Jennifer Gerise Lee’s home in Grand Junction is like a command center for her emotional wellness.
It’s decorated with things that make her happy: a fall-themed tapestry, strings of hearts and a year-round Christmas tree. It’s a sanctuary where she can paint, read self-help books and write songs, no matter what’s happening outside.
The worldwide grip of the coronavirus, however, has been impossible to keep out.
The other night, alone in her apartment, Lee went through an eruption of panic attacks, one after another. They were the first she’d suffered in 20 years.
“It was like this cold, icy fear that I felt through my chest and my body,” she recounted afterward. “There was no sleep. There's been no sleep for me for days.”
Lee has paranoid schizophrenia and dissociative identity disorder. She used to call the FBI with tips she thought were true but weren’t, and that sometimes led to asking officers out on dates. Years of therapy and medication helped though; the voices in her head remained, but the messages they relayed were less dire and more mundane.
That was, until the pandemic, and its accompanying isolation.
“Since this COVID thing has been going on, my voices have changed,” she said, “and now they're saying things like: ‘You're going to die a horrible, painful, slow death.’”
While life right now is hard on everyone, navigating the invisible threat of this disease is especially tough for people who already deal with mental illness. To make the situation even harder, social distancing and “stay-at-home” orders mean they can’t even sit alongside others who understand and can help them through. In normal times, Lee attends two support groups a day, a routine she dearly misses now.
As a replacement, she's turned to the same technology many offices, classrooms, and families use to stay connected.
“Thank God for Zoom,” she said.
Meeting over a computer screen isn’t the same, of course; there are no hugs, no holding hands and the meetings are far less frequent. But without these video check-ins, Lee said she'd “be crying my eyes out every day.”
Virtual check-ins also help behavioral health workers stay in touch with the clients they know need them more than ever right now. The new coronavirus, and the isolation it’s caused, is a huge trigger for many people, especially those who were already struggling.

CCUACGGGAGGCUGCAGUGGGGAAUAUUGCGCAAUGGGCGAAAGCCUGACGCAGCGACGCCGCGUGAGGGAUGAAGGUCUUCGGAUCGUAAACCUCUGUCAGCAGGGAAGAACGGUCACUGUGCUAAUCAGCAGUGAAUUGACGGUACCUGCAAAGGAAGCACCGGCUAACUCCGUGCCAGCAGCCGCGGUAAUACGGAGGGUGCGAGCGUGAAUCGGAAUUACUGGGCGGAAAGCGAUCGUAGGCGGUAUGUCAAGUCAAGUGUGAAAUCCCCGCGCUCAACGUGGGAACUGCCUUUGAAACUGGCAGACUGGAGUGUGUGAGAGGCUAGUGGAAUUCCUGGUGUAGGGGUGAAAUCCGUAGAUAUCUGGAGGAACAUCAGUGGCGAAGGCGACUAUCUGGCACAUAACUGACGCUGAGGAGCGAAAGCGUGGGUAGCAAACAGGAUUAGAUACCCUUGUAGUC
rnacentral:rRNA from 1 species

If you need help, dial 988 to reach the Suicide and Crisis Lifeline. You can also reach the Colorado Crisis Services hotline at 1-844-493-8255 or text “TALK” to 38255 to speak with a trained counselor or professional. Counselors are also available at walk-in locations or online to chat.
“We’re just trying to connect with every single person we can,” said Angel Wilson, a peer specialist at Mind Springs Health, the largest provider of mental health care on the Western Slope.
Wilson uses Zoom meetings and personal check-ins to help about 25 people deal with the dark feelings bubbling up right now. She’s connected with former clients, too, as well as people in the homeless community.
“People feeling like, you know, ‘this is the end of the world, so why keep trying?’” she said.
She offers them reassurance and tells them they've “been through hard times, you will go through hard times again, but you will get through this.”
And she reminds them they are strong “and that they are survivors because we all are,” she continued. “We wouldn't be here if we weren't.”
Wilson herself is bipolar and attempted suicide twice as a teenager. After both her parents went to jail, she had to raise her siblings. Decades later, PTSD from those experiences still flares up. She knows from first-hand experience how difficult it can be to seek help.
“That's the scariest part, is actually reaching out and asking,” she said. “You know that one foot — getting that foot in the door.”
Wilson hopes that perhaps, with meetings now online, it might actually make it less intimidating for some to seek help for the first time.
For her part, Lee has actually seen more people than normal at Overeaters Anonymous, one of the Zoom groups where she gets the most solace. As much as she misses human contact, she hopes some of these mobile meetings continue, even after things get back to normal. It can be relaxing to talk from your living room.
“You could sit there and drink a cup of coffee and sit in your recliner. It's nice,” she said.
In spite of her current struggles, Lee says she’s still trying to see the good in life. “That’s the only way I can stay alive, you know?” she said. “And I’m just trying to make something out of myself.”
And she’s determined to keep at it, even in the midst of a global pandemic.
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